Credit where it's due, although the crease is still visible on that 7.1-inch 9:8.4 main display, it's undoubtedly smaller and less intrusive; improved HDR and peak outdoor brightness of up to 1500 nits don't hurt either.

A reworked design that relies on a new blend of materials – including carbon fiber and fewer parts (previously 138, now down to 100) – helps bring the Find N2's weight down to just 237 grams (42 grams lighter than its predecessor) for the white and green Gorilla Glass Victus-backed options, while the black vegan leather-backed model (pictured) weighs even less, at 233 grams.

Despite a fractionally larger battery (4520mAh, up from 4500mAh) the Find N2 is also thinner (14.6mm when closed, 7.4mm when open) than its predecessor, too, although the apparent loss of wireless charging might have something to do with that.

Aside from the shaved-down weight, the Find N2 offers up a familiar fit and finish to its predecessor, with tight tolerances around the hinge mechanism and a sturdy hinge movement that the company has now tested to double that of the Find N, rating it to withstand 400,000 folds, for improved longevity and durability.

Samsung still seems to be the only major foldable maker who's been able to add any sort of water resistance to its devices, however.

While not adaptive, as on the primary display, the bump from a 60Hz to a 120Hz on the cover screen is a welcome (and overdue) upgrade that helps provide a more consistent user experience when moving between folded and unfolded. The 17.7:9 aspect ratio gives you a wider canvas for more comfortable typing and one-handed use, especially compared to the likes of the Galaxy Z Fold 4's tall 6.2-inch 23.1:9 AMOLED panel.

Speaking of upgrades, the Oppo Pen was introduced alongside the N2. Designed for use on the phone's primary display, the Oppo Pen offers up to 4096 levels of pressure sensitivity, 300Hz latency, and even haptic integration, for a more realistic feel in use. It's sold separately to the Find N2 for ¥599 (approximately $85 / £70 / AU$130).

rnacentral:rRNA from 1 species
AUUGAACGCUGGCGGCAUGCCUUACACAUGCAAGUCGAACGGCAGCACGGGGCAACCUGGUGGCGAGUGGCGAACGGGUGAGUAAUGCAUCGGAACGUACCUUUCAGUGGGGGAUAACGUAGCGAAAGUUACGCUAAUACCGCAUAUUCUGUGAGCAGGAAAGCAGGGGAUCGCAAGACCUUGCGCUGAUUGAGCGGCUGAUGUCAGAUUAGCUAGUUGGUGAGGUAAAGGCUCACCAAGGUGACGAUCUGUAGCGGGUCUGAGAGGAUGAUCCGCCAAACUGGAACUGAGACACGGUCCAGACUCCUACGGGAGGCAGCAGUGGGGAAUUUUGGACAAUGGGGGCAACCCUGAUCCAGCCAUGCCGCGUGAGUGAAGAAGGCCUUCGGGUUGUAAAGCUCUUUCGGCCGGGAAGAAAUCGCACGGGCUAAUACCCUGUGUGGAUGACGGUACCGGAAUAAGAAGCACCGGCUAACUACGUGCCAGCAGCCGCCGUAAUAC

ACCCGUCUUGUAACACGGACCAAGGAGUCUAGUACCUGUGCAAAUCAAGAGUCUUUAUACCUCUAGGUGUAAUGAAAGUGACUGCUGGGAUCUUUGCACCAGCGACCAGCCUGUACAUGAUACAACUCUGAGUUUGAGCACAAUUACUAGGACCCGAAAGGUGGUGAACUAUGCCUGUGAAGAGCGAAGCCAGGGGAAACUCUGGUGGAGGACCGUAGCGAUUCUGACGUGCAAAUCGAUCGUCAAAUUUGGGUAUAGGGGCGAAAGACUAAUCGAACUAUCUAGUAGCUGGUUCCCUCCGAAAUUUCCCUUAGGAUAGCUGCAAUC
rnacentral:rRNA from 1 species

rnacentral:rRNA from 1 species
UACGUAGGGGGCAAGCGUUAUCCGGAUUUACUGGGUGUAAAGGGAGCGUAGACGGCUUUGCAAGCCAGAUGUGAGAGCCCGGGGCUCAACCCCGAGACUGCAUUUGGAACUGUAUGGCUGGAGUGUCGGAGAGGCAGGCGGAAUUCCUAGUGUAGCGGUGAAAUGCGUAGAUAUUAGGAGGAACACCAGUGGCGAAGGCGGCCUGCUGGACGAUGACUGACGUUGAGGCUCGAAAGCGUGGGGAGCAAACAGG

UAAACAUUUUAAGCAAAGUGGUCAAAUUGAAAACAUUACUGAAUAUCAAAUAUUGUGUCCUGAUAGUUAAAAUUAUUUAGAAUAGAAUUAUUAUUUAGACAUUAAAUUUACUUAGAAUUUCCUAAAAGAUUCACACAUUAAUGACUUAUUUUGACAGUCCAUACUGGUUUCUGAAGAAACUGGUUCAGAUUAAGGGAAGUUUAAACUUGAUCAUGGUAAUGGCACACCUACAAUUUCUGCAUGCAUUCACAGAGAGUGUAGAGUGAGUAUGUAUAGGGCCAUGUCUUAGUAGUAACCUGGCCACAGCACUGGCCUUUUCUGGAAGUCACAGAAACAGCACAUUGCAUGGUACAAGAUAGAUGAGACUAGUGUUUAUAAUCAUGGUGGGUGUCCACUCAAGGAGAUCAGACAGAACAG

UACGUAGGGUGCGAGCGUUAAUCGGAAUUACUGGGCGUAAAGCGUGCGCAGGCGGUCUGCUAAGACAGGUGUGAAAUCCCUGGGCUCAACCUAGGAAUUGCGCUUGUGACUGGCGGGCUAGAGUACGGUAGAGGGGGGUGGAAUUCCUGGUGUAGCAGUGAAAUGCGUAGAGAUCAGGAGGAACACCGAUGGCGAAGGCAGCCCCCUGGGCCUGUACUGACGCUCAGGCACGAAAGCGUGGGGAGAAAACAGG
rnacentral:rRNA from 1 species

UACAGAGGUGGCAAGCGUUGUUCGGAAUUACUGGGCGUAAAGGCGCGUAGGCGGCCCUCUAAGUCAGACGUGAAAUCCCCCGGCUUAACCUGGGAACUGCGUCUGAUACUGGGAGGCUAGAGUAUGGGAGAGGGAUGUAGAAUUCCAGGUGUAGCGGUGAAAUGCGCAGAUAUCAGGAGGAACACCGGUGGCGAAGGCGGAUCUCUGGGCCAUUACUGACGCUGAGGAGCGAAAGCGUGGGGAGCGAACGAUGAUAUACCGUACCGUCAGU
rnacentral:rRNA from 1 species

Oppo Find N2 performance and software

Oppo Find N2 hands-on main display straight

(Image credit: Future | Alex Walker-Todd)

A timely update to the Snapdragon 8 Plus Gen 1 should keep performance feeling fresh over time, with no complaints from the time spent moving around the Chinese build of ColorOS 13 atop Android 13, including some side-loaded gaming with Apex Legends Mobile.

Oppo's stuck with the same 256GB and 512GB storage options as the first Find N, but bumped the memory of both versions by 4GB a piece, meaning 12GB RAM in the 256GB model and 16GB in the top tier variant.  That extra memory should come in handy on the N2, which has been optimized for split-screen multitasking.

Speaking of multitasking, Oppo has added a number of features to ColorOS as it appears on the N2 to get the most from that broad 9:8.4 aspect ratio main screen. You can hop into split screen using Android's native app switching method, use a two-finger drag-down gesture, or through the Smart Sidebar, which can hold shortcuts and widgets, and be accessed from practically anywhere within the UI.

While we haven't had enough time to stress-test the N2's battery, the 4520mAh cell is expected to deliver similar longevity to the first-generation foldable; which proved particularly strong. It's just a case of learning whether the change to that newer, more efficient chip offsets the added power draw of the higher refresh rate on this generation's cover display.